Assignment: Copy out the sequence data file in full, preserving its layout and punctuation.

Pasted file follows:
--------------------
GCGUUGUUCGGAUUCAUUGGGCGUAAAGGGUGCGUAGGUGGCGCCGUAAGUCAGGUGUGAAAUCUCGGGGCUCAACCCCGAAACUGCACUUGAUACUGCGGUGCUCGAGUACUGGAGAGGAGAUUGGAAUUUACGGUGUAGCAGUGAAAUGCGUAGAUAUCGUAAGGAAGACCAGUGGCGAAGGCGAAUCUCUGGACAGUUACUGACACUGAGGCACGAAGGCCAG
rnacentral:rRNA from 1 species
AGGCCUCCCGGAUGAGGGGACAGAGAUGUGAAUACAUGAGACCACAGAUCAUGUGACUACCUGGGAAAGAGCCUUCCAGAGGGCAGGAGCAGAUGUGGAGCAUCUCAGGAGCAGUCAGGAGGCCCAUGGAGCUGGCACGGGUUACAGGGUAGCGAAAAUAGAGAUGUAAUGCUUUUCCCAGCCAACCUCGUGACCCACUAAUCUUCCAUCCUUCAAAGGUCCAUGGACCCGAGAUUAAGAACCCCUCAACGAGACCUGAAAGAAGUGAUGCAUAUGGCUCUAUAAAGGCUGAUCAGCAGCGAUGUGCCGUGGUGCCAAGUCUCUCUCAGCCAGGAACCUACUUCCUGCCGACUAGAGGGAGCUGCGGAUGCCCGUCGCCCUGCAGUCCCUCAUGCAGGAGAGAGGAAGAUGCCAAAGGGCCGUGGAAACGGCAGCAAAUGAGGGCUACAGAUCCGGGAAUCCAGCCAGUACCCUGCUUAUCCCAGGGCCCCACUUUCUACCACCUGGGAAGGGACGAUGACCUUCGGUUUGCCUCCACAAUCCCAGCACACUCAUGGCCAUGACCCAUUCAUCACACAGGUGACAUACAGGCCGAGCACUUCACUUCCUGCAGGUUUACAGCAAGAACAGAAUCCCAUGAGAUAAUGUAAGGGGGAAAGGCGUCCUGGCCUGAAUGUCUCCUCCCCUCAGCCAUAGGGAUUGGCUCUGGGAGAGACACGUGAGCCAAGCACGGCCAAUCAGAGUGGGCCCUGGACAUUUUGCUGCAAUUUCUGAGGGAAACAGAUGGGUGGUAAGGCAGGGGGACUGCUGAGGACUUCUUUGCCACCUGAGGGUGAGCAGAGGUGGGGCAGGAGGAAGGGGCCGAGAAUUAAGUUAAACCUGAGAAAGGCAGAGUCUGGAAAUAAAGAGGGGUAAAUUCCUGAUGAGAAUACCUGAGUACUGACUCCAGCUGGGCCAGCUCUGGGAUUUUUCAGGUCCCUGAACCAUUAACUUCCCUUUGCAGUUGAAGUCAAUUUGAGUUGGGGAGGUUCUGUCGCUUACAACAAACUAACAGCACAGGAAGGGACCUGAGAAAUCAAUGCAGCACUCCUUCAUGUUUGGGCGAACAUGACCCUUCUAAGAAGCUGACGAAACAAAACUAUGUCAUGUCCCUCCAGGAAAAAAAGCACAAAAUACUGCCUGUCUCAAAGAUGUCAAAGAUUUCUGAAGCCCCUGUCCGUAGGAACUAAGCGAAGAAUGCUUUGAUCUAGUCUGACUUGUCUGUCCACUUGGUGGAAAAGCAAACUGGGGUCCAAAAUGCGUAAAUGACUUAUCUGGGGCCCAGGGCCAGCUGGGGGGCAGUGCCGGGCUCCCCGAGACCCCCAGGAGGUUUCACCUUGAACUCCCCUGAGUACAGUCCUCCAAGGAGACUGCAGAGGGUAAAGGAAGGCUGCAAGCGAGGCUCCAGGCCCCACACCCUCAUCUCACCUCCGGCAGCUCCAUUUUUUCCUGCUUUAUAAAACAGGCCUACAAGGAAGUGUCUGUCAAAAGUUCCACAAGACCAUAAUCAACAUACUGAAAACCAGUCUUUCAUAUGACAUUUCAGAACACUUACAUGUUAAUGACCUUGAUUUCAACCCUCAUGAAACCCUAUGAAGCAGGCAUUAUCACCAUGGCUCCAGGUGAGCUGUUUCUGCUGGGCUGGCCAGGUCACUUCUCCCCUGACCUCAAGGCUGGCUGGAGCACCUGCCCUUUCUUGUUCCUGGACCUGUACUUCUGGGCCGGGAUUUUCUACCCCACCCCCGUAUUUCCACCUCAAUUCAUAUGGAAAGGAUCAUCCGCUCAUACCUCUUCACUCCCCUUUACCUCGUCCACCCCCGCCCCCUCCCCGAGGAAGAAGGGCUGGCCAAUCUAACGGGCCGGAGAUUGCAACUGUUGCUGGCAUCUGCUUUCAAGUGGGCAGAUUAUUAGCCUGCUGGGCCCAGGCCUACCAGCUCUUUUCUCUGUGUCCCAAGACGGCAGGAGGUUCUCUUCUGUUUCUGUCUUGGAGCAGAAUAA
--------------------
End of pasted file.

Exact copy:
GCGUUGUUCGGAUUCAUUGGGCGUAAAGGGUGCGUAGGUGGCGCCGUAAGUCAGGUGUGAAAUCUCGGGGCUCAACCCCGAAACUGCACUUGAUACUGCGGUGCUCGAGUACUGGAGAGGAGAUUGGAAUUUACGGUGUAGCAGUGAAAUGCGUAGAUAUCGUAAGGAAGACCAGUGGCGAAGGCGAAUCUCUGGACAGUUACUGACACUGAGGCACGAAGGCCAG
rnacentral:rRNA from 1 species
AGGCCUCCCGGAUGAGGGGACAGAGAUGUGAAUACAUGAGACCACAGAUCAUGUGACUACCUGGGAAAGAGCCUUCCAGAGGGCAGGAGCAGAUGUGGAGCAUCUCAGGAGCAGUCAGGAGGCCCAUGGAGCUGGCACGGGUUACAGGGUAGCGAAAAUAGAGAUGUAAUGCUUUUCCCAGCCAACCUCGUGACCCACUAAUCUUCCAUCCUUCAAAGGUCCAUGGACCCGAGAUUAAGAACCCCUCAACGAGACCUGAAAGAAGUGAUGCAUAUGGCUCUAUAAAGGCUGAUCAGCAGCGAUGUGCCGUGGUGCCAAGUCUCUCUCAGCCAGGAACCUACUUCCUGCCGACUAGAGGGAGCUGCGGAUGCCCGUCGCCCUGCAGUCCCUCAUGCAGGAGAGAGGAAGAUGCCAAAGGGCCGUGGAAACGGCAGCAAAUGAGGGCUACAGAUCCGGGAAUCCAGCCAGUACCCUGCUUAUCCCAGGGCCCCACUUUCUACCACCUGGGAAGGGACGAUGACCUUCGGUUUGCCUCCACAAUCCCAGCACACUCAUGGCCAUGACCCAUUCAUCACACAGGUGACAUACAGGCCGAGCACUUCACUUCCUGCAGGUUUACAGCAAGAACAGAAUCCCAUGAGAUAAUGUAAGGGGGAAAGGCGUCCUGGCCUGAAUGUCUCCUCCCCUCAGCCAUAGGGAUUGGCUCUGGGAGAGACACGUGAGCCAAGCACGGCCAAUCAGAGUGGGCCCUGGACAUUUUGCUGCAAUUUCUGAGGGAAACAGAUGGGUGGUAAGGCAGGGGGACUGCUGAGGACUUCUUUGCCACCUGAGGGUGAGCAGAGGUGGGGCAGGAGGAAGGGGCCGAGAAUUAAGUUAAACCUGAGAAAGGCAGAGUCUGGAAAUAAAGAGGGGUAAAUUCCUGAUGAGAAUACCUGAGUACUGACUCCAGCUGGGCCAGCUCUGGGAUUUUUCAGGUCCCUGAACCAUUAACUUCCCUUUGCAGUUGAAGUCAAUUUGAGUUGGGGAGGUUCUGUCGCUUACAACAAACUAACAGCACAGGAAGGGACCUGAGAAAUCAAUGCAGCACUCCUUCAUGUUUGGGCGAACAUGACCCUUCUAAGAAGCUGACGAAACAAAACUAUGUCAUGUCCCUCCAGGAAAAAAAGCACAAAAUACUGCCUGUCUCAAAGAUGUCAAAGAUUUCUGAAGCCCCUGUCCGUAGGAACUAAGCGAAGAAUGCUUUGAUCUAGUCUGACUUGUCUGUCCACUUGGUGGAAAAGCAAACUGGGGUCCAAAAUGCGUAAAUGACUUAUCUGGGGCCCAGGGCCAGCUGGGGGGCAGUGCCGGGCUCCCCGAGACCCCCAGGAGGUUUCACCUUGAACUCCCCUGAGUACAGUCCUCCAAGGAGACUGCAGAGGGUAAAGGAAGGCUGCAAGCGAGGCUCCAGGCCCCACACCCUCAUCUCACCUCCGGCAGCUCCAUUUUUUCCUGCUUUAUAAAACAGGCCUACAAGGAAGUGUCUGUCAAAAGUUCCACAAGACCAUAAUCAACAUACUGAAAACCAGUCUUUCAUAUGACAUUUCAGAACACUUACAUGUUAAUGACCUUGAUUUCAACCCUCAUGAAACCCUAUGAAGCAGGCAUUAUCACCAUGGCUCCAGGUGAGCUGUUUCUGCUGGGCUGGCCAGGUCACUUCUCCCCUGACCUCAAGGCUGGCUGGAGCACCUGCCCUUUCUUGUUCCUGGACCUGUACUUCUGGGCCGGGAUUUUCUACCCCACCCCCGUAUUUCCACCUCAAUUCAUAUGGAAAGGAUCAUCCGCUCAUACCUCUUCACUCCCCUUUACCUCGUCCACCCCCGCCCCCUCCCCGAGGAAGAAGGGCUGGCCAAUCUAACGGGCCGGAGAUUGCAACUGUUGCUGGCAUCUGCUUUCAAGUGGGCAGAUUAUUAGCCUGCUGGGCCCAGGCCUACCAGCUCUUUUCUCUGUGUCCCAAGACGGCAGGAGGUUCUCUUCUGUUUCUGUCUUGGAGCAGAAUAA